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On the downstream side of large boulders.
Tree roots in streams.
In cracks above the water-line and along the edge of a stream.
In streaks of gravel that settle above streambeds and follow the bottom of stream channels.

Before you start, put down your beer and concentrate......

Place your pan under water, keeping the pan under water at all times, filling the pan nearly full. Throw away the large stones and break up lumps of mud and clay.
Hold the pan level with both hands and rotate the pan with swirling motions. As you rotate the pan, the heavier gold loosens from the sand and gravel and settles to the bottom. Tilt the pan downward to let the dirty water, sand, and gravel wash over the edge of the pan.

Continue to raise and lower the lip of the pan so the water will flow over it and remove more of the lighter material.

Now, you should have mostly black sand left. Now comes the fun. Take a swig (of your beer) and start the final process that yeilds your gold and minerals. Swirl the water around carefully to dislodge the black sand until you see the arm of GOLD!

Continue this process until nothing but gold and heavier minerals are left in the pan. Carefully inspect the black sand for nuggets or tiny specks of gold or other precious minerals.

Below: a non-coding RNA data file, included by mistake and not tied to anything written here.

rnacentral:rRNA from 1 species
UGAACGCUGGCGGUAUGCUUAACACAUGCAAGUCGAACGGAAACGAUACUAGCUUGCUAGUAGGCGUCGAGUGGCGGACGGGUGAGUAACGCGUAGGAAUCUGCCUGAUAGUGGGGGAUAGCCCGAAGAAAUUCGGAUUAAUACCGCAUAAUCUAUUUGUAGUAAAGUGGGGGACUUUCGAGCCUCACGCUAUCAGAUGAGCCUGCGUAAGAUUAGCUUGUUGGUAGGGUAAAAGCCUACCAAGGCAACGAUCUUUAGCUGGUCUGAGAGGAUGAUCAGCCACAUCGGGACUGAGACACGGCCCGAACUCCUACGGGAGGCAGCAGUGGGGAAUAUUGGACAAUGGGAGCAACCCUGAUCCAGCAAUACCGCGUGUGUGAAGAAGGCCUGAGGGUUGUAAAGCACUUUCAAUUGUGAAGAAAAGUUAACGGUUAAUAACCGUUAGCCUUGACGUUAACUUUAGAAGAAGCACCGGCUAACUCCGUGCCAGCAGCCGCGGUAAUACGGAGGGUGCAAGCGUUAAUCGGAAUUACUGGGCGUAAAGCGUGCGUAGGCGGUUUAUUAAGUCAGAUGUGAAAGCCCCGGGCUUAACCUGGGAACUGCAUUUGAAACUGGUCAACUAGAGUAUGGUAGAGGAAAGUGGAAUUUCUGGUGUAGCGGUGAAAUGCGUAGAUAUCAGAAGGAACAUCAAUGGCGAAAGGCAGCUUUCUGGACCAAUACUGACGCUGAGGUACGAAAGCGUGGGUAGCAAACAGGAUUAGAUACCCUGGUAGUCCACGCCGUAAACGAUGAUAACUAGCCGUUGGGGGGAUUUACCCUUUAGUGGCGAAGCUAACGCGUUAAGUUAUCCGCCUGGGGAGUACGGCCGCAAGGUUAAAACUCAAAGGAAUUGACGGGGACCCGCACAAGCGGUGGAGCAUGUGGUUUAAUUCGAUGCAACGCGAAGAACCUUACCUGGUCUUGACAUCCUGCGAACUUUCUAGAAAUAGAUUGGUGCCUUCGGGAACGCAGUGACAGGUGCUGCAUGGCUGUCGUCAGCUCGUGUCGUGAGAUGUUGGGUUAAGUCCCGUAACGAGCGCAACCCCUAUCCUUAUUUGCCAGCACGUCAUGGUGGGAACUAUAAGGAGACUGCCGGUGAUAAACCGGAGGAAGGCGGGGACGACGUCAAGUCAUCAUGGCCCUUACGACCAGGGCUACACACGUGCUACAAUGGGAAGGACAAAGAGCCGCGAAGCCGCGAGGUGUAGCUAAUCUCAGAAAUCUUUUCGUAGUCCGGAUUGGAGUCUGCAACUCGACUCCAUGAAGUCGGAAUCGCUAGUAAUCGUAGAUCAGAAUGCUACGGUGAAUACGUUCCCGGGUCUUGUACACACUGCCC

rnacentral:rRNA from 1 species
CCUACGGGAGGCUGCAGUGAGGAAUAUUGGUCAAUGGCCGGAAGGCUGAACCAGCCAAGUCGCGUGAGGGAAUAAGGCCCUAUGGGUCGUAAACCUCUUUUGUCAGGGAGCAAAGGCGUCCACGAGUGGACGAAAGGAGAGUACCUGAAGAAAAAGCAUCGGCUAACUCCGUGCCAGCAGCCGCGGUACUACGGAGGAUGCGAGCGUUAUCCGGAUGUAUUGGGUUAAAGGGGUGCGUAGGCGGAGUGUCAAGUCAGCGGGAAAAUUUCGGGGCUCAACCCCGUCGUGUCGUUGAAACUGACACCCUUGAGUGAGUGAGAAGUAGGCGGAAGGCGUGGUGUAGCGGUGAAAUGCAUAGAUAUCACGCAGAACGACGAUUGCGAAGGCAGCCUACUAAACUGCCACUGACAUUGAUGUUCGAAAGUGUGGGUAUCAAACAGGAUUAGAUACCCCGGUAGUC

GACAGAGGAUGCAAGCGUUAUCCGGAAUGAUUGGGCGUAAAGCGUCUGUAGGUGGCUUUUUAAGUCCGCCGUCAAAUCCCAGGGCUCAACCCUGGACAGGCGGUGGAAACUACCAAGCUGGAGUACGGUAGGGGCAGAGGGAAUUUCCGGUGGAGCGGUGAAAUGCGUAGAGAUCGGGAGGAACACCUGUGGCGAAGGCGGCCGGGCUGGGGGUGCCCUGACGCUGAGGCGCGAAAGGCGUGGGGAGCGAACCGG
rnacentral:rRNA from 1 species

Finding Gold
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Barry Clay with his 294 ounce gold nugget from Swift Creek near Ruby Alaska
Now thats what Im talking about!!! WHOOT WHOOT
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GPAA Claims
The man was using a metal detector in an unmined ancient stream bed near the old Mother Lode mining camp of Washington when he stumbled on this nugget in February 2010. A 100-ounce nugget, found on his property near Nevada City, Calif., is expected to fetch between $225,000 and $400,000 when it goes up for auction March 15 in Sacramento, Calif
                                              What is a real nugget?

Miners sometimes find chunks of gold embedded in the middle of a piece of quartz. These aren't called nuggets. They're called gold/quartz specimens. To be a real nugget, 75 percent of the surface of the stone should be gold instead of rock.

Read more: How to Identify Gold Nuggets | eHow.com http://www.ehow.com/how_2294580_identify-gold-nuggets.html#ixzz1C12wK2xN